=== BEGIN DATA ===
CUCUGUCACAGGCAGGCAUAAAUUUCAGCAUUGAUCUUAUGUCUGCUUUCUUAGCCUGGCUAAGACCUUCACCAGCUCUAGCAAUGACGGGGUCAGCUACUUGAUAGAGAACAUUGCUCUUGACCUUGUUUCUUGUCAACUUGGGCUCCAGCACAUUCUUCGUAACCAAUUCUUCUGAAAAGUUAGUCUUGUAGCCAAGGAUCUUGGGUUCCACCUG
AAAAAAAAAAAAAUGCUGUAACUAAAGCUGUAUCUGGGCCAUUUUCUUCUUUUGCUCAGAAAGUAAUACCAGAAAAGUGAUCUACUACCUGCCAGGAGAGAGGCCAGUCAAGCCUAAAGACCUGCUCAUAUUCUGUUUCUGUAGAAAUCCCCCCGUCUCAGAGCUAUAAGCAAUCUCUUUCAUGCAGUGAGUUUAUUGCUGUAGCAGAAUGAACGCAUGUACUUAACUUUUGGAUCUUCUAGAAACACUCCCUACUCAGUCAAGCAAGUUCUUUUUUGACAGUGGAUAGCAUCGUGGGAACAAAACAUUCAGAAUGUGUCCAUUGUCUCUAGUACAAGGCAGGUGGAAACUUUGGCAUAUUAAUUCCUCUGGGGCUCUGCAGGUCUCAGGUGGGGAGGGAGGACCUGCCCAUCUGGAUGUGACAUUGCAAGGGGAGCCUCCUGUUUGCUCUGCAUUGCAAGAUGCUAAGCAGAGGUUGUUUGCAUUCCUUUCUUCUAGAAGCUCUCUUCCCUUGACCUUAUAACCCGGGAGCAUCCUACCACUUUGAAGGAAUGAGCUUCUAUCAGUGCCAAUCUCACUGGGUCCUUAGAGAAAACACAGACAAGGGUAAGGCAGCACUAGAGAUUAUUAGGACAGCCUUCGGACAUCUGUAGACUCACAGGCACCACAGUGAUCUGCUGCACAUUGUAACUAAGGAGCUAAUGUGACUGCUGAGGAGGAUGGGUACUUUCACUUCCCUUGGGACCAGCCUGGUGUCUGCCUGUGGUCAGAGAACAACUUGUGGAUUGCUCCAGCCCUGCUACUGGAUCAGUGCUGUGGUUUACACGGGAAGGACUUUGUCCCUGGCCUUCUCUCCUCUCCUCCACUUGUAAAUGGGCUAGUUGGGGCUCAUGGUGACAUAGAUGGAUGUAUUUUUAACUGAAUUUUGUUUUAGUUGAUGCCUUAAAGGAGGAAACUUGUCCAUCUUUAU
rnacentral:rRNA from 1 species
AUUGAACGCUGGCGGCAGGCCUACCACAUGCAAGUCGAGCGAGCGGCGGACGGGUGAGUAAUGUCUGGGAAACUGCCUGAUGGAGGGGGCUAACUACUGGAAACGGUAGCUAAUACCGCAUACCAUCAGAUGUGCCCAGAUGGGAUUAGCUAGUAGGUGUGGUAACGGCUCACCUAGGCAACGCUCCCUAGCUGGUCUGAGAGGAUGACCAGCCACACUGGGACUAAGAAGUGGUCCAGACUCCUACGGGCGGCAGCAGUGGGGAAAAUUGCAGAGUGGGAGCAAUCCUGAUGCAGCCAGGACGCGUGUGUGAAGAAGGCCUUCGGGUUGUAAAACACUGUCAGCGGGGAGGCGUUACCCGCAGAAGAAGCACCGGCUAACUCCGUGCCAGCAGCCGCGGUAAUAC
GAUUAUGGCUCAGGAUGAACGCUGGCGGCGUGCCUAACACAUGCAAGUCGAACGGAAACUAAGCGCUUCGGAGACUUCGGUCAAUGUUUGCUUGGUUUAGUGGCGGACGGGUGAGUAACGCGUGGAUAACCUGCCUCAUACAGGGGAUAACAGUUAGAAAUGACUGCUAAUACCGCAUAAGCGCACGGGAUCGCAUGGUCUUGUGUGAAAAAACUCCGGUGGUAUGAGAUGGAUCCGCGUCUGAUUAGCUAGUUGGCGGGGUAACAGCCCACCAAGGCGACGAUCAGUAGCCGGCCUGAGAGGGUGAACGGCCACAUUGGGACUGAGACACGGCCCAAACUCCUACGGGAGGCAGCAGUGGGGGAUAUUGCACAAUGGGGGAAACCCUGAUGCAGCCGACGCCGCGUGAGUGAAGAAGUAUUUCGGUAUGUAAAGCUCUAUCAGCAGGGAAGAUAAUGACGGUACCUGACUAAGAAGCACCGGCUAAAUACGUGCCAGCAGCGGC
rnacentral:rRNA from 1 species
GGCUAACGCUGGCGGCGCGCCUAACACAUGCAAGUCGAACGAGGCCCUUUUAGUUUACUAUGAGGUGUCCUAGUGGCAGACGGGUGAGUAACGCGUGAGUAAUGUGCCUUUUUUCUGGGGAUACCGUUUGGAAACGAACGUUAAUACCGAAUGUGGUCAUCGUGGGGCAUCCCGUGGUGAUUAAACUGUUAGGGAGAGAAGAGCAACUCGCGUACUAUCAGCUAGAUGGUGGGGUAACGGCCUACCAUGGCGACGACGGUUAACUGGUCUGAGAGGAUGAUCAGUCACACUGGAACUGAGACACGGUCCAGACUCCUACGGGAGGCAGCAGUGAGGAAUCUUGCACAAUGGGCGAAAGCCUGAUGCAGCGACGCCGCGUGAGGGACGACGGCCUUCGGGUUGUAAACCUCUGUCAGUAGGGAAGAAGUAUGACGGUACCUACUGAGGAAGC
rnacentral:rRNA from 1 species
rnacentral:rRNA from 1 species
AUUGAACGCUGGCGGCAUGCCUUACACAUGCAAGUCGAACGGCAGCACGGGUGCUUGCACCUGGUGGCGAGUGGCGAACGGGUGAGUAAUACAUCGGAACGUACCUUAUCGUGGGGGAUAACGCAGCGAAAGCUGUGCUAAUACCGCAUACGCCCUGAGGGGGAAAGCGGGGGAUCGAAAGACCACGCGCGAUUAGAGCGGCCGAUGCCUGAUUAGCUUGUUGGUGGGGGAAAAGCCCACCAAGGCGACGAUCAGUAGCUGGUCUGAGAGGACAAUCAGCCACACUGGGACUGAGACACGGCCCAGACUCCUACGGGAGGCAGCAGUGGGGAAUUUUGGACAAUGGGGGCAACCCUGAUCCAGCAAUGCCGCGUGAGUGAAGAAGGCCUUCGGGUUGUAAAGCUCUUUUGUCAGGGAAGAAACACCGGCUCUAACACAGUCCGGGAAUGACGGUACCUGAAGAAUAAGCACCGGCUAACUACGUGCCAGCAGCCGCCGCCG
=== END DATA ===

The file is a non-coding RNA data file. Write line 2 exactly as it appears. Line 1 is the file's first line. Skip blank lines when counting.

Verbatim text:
AAAAAAAAAAAAAUGCUGUAACUAAAGCUGUAUCUGGGCCAUUUUCUUCUUUUGCUCAGAAAGUAAUACCAGAAAAGUGAUCUACUACCUGCCAGGAGAGAGGCCAGUCAAGCCUAAAGACCUGCUCAUAUUCUGUUUCUGUAGAAAUCCCCCCGUCUCAGAGCUAUAAGCAAUCUCUUUCAUGCAGUGAGUUUAUUGCUGUAGCAGAAUGAACGCAUGUACUUAACUUUUGGAUCUUCUAGAAACACUCCCUACUCAGUCAAGCAAGUUCUUUUUUGACAGUGGAUAGCAUCGUGGGAACAAAACAUUCAGAAUGUGUCCAUUGUCUCUAGUACAAGGCAGGUGGAAACUUUGGCAUAUUAAUUCCUCUGGGGCUCUGCAGGUCUCAGGUGGGGAGGGAGGACCUGCCCAUCUGGAUGUGACAUUGCAAGGGGAGCCUCCUGUUUGCUCUGCAUUGCAAGAUGCUAAGCAGAGGUUGUUUGCAUUCCUUUCUUCUAGAAGCUCUCUUCCCUUGACCUUAUAACCCGGGAGCAUCCUACCACUUUGAAGGAAUGAGCUUCUAUCAGUGCCAAUCUCACUGGGUCCUUAGAGAAAACACAGACAAGGGUAAGGCAGCACUAGAGAUUAUUAGGACAGCCUUCGGACAUCUGUAGACUCACAGGCACCACAGUGAUCUGCUGCACAUUGUAACUAAGGAGCUAAUGUGACUGCUGAGGAGGAUGGGUACUUUCACUUCCCUUGGGACCAGCCUGGUGUCUGCCUGUGGUCAGAGAACAACUUGUGGAUUGCUCCAGCCCUGCUACUGGAUCAGUGCUGUGGUUUACACGGGAAGGACUUUGUCCCUGGCCUUCUCUCCUCUCCUCCACUUGUAAAUGGGCUAGUUGGGGCUCAUGGUGACAUAGAUGGAUGUAUUUUUAACUGAAUUUUGUUUUAGUUGAUGCCUUAAAGGAGGAAACUUGUCCAUCUUUAU